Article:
The solar cell we know today has had a rather long development, starting back in 1839 when a French physicist Alexandre Edmond Becquerel stumbled on the fact that when light strikes a certain element submerged in a conductive solution an electrical charge was generated. Understandably in the following 100 years very little was done to pursue this as it could not, back then, be envisaged how the demand for electricity in the 21st century would impact on our lives, health and environment.
Today, solar cells are seen around most neighbourhoods, usually in the form of long black solar panels used to generate electricity from the sun. Of course, they are also used in other applications from traffic signs, to street lights to satellites and small appliances. In the future we may likely see them in motor cars and major home appliances, or maybe not see them as current development is centred on developing transparent panels, better known as windows.
The spiralling cost and demand for electricity, the effect of mining and burning fossil fuels on the environment and realisation that these can not be sustained indefinitely, especially with the earth’s rapidly growing population, has given incentives to the development of cheaper, more efficient solar energy.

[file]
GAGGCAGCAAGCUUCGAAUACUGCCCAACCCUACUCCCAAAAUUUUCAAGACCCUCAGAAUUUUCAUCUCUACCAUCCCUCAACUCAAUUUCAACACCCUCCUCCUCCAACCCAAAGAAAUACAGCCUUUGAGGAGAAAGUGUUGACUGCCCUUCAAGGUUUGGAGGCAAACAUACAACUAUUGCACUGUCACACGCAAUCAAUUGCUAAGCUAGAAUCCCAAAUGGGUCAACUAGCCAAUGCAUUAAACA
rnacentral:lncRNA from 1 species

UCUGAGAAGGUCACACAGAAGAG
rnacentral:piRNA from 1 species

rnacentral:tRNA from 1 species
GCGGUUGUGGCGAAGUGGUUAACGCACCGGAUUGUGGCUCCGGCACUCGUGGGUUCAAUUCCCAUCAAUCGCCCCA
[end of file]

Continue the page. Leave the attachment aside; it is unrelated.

For example, having been dominant for a long time, the first generation single and polycrystalline silicon cell is not the only player in the game. Polycrystalline began the trend for cheaper production and whilst if measured on an out put basis are not as efficient as single crystal cells, on a cost per watt basis they prove to be very competitive.
A second generation of solar cells has emerged based on thin film technology which have moved away from crystalline making them cheaper to produce. Currently they are still behind crystalline cells in so far as efficiency is concerned but they are getting better and closing the gap. This improvement, even if not as efficient as crystalline cells, when combined with lower production costs will make them strong contenders in the price per watt sector.
So cost effectiveness becomes a critical factor when considering the installation of a PV or solar cell system. However not everyone is totally aufait with the concept of a solar energy system, there is a widespread mistaken belief that it is a free energy source. This is a little short of the mark.
The truth is of course that although sunlight which drives the system is free the actual power generated by a solar cell is not, one has to figure in the costs of components, installation and then, if the overall cost is actually worth it. It is this last step that many people overlook.
Electricity charges vary from location to location, even within a small area, such as a region or state, different providers have different rates and some have very attractive loyalty packages. And people living in the sunny Mediterranean have a distinct advantage over users in a country with less sunshine hours per year.
So although solar cell power generation costs are falling and will continue to do so as technology reduces manufacturing cost, it is still worthwhile to do the maths before making the leap to a solar cell energy system.